“Given the changes that occurred in the market last year, Axos currently has no plans to support retail cryptocurrency transactions, offer clearing and trading services, or launch stablecoins,” said Johnny Lai, the bank’s senior vice president of corporate development and investor relations, in an email. “We do not expect these plans to change in the near term.”

FV Bank International

FV Bank, based in Puerto Rico, is the first bank in the Commonwealth to launch digital asset custody services. It allows customers to hold bitcoin and dollars in the same bank account. It is launching settlement of certain cryptocurrencies against dollars, primarily through third-party brokers.

Asia

Standard Chartered

Standard Chartered Bank is aggressively expanding in some emerging markets. It holds a majority stake in two UK subsidiaries, cryptocurrency trading platform Zodia Markets and custody department Zodia Custody, which completed a $36 million financing led by Japan’s SBI Holdings in April.

“We provide banking services to carefully selected digital asset service providers and support them in offering funding in and out services to their platform users,” said Rene Michau, global head of digital assets at the London-based Standard Chartered Bank, in an email. The bank’s services to digital asset companies include corporate accounts, customer fund accounts, and forex, with a focus on Singapore, Hong Kong, and the United Arab Emirates.

DBS Bank

DBS Bank is the largest bank in Singapore and the largest listed company in Singapore. It was established in 1968, the third year after Singapore separated from Malaysia and became an independent country.

The bank provides deposit accounts for regulated digital asset and blockchain companies. It also stated that it provides fund in and out services for corporate, institutional, and accredited clients through its digital platform, DBS Digital Exchange.

ZA Bank

ZA Bank is the largest virtual bank in Hong Kong and plans to offer token-to-fiat currency conversion services through a licensed exchange.

ZA Bank, founded by Chinese billionaire Eu Yafei, will act as a settlement bank for customers, allowing them to withdraw fiat currencies from Hong Kong, China, and the United States after depositing cryptocurrencies on the exchange. Currently, it provides fund in and out services for two licensed exchanges in Hong Kong: OSL and HashKey.

Europe, UK

BCB Group

London-based BCB Group offers clients access to its institutional payment network for digital assets, called Blinc, which operates similarly to SEN, the now-defunct network run by Silvergate, allowing members to make instant mutual payments in a variety of currencies.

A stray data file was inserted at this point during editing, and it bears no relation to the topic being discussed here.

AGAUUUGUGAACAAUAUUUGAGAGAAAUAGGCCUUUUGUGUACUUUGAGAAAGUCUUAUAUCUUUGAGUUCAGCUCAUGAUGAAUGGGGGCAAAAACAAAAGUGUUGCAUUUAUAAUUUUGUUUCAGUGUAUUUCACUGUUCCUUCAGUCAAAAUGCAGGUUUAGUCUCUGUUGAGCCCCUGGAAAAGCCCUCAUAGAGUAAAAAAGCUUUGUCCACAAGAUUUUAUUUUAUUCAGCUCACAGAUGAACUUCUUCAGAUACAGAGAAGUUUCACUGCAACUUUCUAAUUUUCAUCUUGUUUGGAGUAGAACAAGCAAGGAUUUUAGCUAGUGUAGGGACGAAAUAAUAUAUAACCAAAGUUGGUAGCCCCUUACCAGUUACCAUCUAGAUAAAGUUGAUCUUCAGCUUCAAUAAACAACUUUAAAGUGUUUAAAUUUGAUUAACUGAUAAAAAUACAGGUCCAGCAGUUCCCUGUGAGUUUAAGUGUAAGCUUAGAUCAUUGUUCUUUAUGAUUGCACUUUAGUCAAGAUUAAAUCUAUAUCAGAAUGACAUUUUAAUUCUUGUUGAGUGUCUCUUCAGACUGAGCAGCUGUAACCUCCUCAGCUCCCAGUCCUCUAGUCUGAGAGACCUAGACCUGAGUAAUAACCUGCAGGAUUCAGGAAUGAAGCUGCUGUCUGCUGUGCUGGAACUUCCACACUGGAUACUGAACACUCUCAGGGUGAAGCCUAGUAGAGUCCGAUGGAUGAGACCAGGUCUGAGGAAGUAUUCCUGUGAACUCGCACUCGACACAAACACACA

The payment service provider offers business accounts, OTC cryptocurrency and fiat currency trading, digital asset custody services to clients including exchanges, market makers, lenders, funds, brokers and traders.

Bank Frick

Bank Frick, based in Liechtenstein, provides banking services to crypto companies, such as business accounts for established and start-up companies in the blockchain and cryptocurrency space. It also offers trading and custody of specific tokens, including bitcoin and ether.

Last month, Bloomberg reported that Binance has been discussing a proposal to allow some institutional customers to place trades using collateral held at banks, with Bank Frick being one of the potential intermediaries mentioned. Bank Frick declined to comment.

Seba Bank

The Swiss company offers trading, structured product investments, custody and lending services for digital and traditional assets to individuals, companies and institutional clients.

Like traditional banks, Seba offers time deposit accounts and payment services, but it also provides crypto investment tracking and a crypto credit card for consumer use. The company said in March that global traffic to its banking website had increased significantly, particularly from the US, and added that crypto companies are applying to open accounts with the bank following the collapse of Signature and Silvergate.

Seba CEO Yves Longchamp said: “The direct result of the current market situation is that a large amount of funds are flowing to us, because we realize that customers’ digital wealth should be managed in the same way as traditional finance.”

Sygnum Bank

Sygnum Bank, which operates in Switzerland and Singapore, specializes in providing digital asset services to institutional and private qualified investors, corporate clients, and financial institutions. It provides custody, brokerage, tokenization, asset management, lending, and commercial banking services, facilitating deposits in Swiss francs, euros, Singapore dollars, and US dollars to help purchase, trade, and hold cryptocurrencies.

The company’s co-founder and CEO, Mathias Imbach, said: “We see continued growth in consulting for institutional investors, asset management firms, and blockchain-related projects who want to diversify their investments in cryptocurrencies through trusted Swiss partners such as Sygnum Bank.”

Clear Junction

Payment service provider Clear Junction offers access to UK accounts, virtual international bank accounts, payment networks, currency exchange, and e-wallets for financial institutions including cryptocurrency companies. The company can receive deposits for the purchase of cryptocurrencies, accept payments using traditional bank transfers, and hold funds in its own name using so-called agent accounts.